I know this may come as a surprise to you, but I’m from Yorkshire. I know! I hid that well, didn’t I? Yorkshire people are, quite rightly, extremely proud of their county, which is, in case you didn’t know, actually God’s Own Country. It’s the biggest county in England and its size has led to it being divided up into different ridings and districts several times. The subject of its boundaries is quite complicated and I’m not here to talk about all that today. I want to celebrate the county of my birth, in all its magnificence. If you’ve never been here you’ve missed out, and should rectify the situation immediately!
It’s a county of contrasts, encompassing heather-clad moors, rolling dales, glorious coastline, gentle wolds, bleak flat plains, harbours, factories, mills, castles and abbeys. It has a rich history and has played a major part in the fortunes of the British Isles. Most of all, it’s home to some of the warmest, friendliest and funniest people on earth. Not that I’m biased, of course…
I grew up in East Yorkshire, in a small town by the mighty Humber. There was no Humber Bridge in those days, so when we wanted to cross the river to Lincolnshire to visit places like Cleethorpes and Mablethorpe, we took the ferry. This was quite an adventure and I used to love those ferry crossings from Hull to New Holland. Sadly, when the bridge was built the ferry was no longer needed. The bridge is much more convenient but not half as exciting!
East Yorkshire has some beautiful little villages, such as Bishop Burton,
which is one of the prettiest places I’ve ever seen, with its pretty red-roofed cottages and duck ponds. Beverley is a thriving market town and has a wonderful minster and some great book shops! The flat landscape of Holderness, with its crumbling coastline, stretches all the way from the mouth of the Humber to Flamborough. It’s in stark constrast to the gentle, rolling wolds, which are also part of the hidden beauty of this region. East Yorkshire is often overlooked, but it contains some real hidden gems, such as the lovely town of Driffield, “Gateway to the Wolds”, the magnificent Burton Agnes Hall, and the traditional seaside resort of Bridlington with its fabulous beaches, historic old town, and fun attractions.
West Yorkshire boasts the largest city in the whole of Yorkshire – Leeds. It’s a very different landscape to East Yorkshire. For a start it’s completely landlocked, whereas both North and East Yorkshire have coastline. It has a rich industrial background, and was known for its woollen mills and coal mines. It has many tourist attractions, including the world famous Bronte
Parsonage in Haworth, home of Emily, Charlotte and Anne Bronte, and the stunning Harewood House. It is networked by numerous canals and waterways and has a beauty all of its own. Calderdale is famed for its lovely scenery and waterways and includes the market towns of Halifax, Rippondon and Hebden Bridge, the latter of which has many literary connections – not least the fact that Ted Hughes was born nearby and his wife Sylvia Plath is buried in a medieval settlement in the hills above the town.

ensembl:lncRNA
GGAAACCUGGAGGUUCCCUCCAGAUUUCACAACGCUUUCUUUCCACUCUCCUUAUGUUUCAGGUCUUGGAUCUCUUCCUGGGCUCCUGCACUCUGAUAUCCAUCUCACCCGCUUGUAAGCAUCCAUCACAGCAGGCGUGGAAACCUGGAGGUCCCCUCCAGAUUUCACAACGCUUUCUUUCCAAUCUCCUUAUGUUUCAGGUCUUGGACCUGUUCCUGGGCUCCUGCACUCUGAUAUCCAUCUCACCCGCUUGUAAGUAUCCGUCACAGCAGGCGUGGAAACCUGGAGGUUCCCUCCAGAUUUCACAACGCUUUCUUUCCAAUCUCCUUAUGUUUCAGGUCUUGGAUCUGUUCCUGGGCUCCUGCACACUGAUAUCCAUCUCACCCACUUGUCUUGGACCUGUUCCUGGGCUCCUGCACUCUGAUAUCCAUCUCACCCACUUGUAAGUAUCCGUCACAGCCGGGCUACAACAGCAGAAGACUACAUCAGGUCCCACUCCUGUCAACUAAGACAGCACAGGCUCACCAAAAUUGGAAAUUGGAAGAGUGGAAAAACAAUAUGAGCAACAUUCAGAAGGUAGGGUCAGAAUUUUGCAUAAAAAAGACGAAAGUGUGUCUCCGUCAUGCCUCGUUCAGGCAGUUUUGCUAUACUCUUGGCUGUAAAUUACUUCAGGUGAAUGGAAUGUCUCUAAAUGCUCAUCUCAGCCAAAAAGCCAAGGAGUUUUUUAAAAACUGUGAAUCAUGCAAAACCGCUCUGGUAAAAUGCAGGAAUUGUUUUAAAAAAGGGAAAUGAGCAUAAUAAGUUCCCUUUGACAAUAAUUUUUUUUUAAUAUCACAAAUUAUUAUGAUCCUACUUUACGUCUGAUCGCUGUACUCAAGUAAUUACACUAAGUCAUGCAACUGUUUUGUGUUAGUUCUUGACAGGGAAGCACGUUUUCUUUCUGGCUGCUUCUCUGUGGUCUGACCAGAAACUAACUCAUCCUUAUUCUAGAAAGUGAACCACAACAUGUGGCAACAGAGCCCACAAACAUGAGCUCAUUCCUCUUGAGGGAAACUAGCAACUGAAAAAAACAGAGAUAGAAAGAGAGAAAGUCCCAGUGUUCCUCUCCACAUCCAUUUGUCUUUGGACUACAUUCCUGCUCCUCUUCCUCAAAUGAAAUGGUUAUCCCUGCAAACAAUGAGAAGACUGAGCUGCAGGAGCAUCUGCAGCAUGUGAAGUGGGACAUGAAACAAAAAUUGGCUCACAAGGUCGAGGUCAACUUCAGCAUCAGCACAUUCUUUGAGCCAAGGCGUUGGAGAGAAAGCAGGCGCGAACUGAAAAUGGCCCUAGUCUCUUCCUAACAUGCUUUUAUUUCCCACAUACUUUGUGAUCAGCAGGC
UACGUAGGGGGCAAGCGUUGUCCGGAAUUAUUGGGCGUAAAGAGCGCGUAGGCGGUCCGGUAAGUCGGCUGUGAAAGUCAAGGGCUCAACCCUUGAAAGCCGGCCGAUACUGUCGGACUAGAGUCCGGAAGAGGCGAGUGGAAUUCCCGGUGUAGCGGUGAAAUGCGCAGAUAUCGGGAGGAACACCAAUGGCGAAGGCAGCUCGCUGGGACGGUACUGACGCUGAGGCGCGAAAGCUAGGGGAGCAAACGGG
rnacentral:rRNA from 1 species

South Yorkshire was once an industrial heartland, but it’s got quite a reputation these days for its leisure activities and places to visit. It’s the home of the Yorkshire Wildlife Park, Doncaster Races and Magna Science Adventure Centre. The vibrant university city of Sheffield is a busy shopping attraction with Meadowhall Shopping Centre drawing thousands of visitors every day.
The Peak District is on the doorstep, and Penistone, the highest market town in the country, is a great base to explore the beautiful countryside, with the trans-Pennine trail nearby. Then there’s the ruins of Roche Abbey. Cared for by English Heritage, it has “one of the most complete ground plans of any English Cistercian monastery, laid out as excavated foundations.” (English Heritage: click on Roche Abbey link for more details.)
Finally, we reach North Yorkshire, the granddaddy of them all. North Yorkshire is BIG and it’s also absolutely beautiful. Here you’ll find a fantastic coastline, adorned with the precious jewels of Whitby, Scarborough, Robin Hood’s Bay, Runswick Bay, Sandsend, Filey, and many other gems. North Yorkshire is home to two national parks – the awe-inspiring Yorkshire Dales and the wild and utterly magnificent North Yorkshire Moors. Outside the parks, you can find such delights as Knaresborough, home to the castle where the knights who murdered Thomas a Beckett in Canterbury Cathedral took refuge, and birthplace of the renowned Mother Shipton – seer and wise woman. Or visit Ripon with its grand cathedral, or York with its famous
Minster. There are castles and abbeys galore in North Yorkshire, including Rievaulx Abbey, Fountains Abbey and Richmond Castle. The Moors are dotted with pretty villages such as Goathland, famous as Aidensfield in television’s Heartbeat, Hutton-le-Hole where sheep
meander along the road and where you’ll find the Ryedale Folk Museum, and Thornton-le-Dale which has a pretty thatched cottage that must be one of the most photographed homes in the land, having featured on chocolate box lids, jigsaws and goodness knows what else. If, after all this exertion, you find yourself in need of sustenance, you can get the finest fish and chips in England in our coastal towns, or visit Betty’s Tea Rooms in York or Harrogate for a fine afternoon tea. We have pubs and restaurants and tea shops galore, so you’ll never go hungry or thirsty.
This post may read like an advertisement for Yorkshire, and I guess it is. I would like everyone to come here and see for themselves how truly amazing this place is. I feel very blessed to have been born here and to have such wonderful places within a short drive from me. My Kearton Bay books are set on the North Yorkshire coast and I have plans to set my next book in the Dales. Maybe I’ll set a book in every area of Yorkshire! Who knows. 🙂
Have a great day xx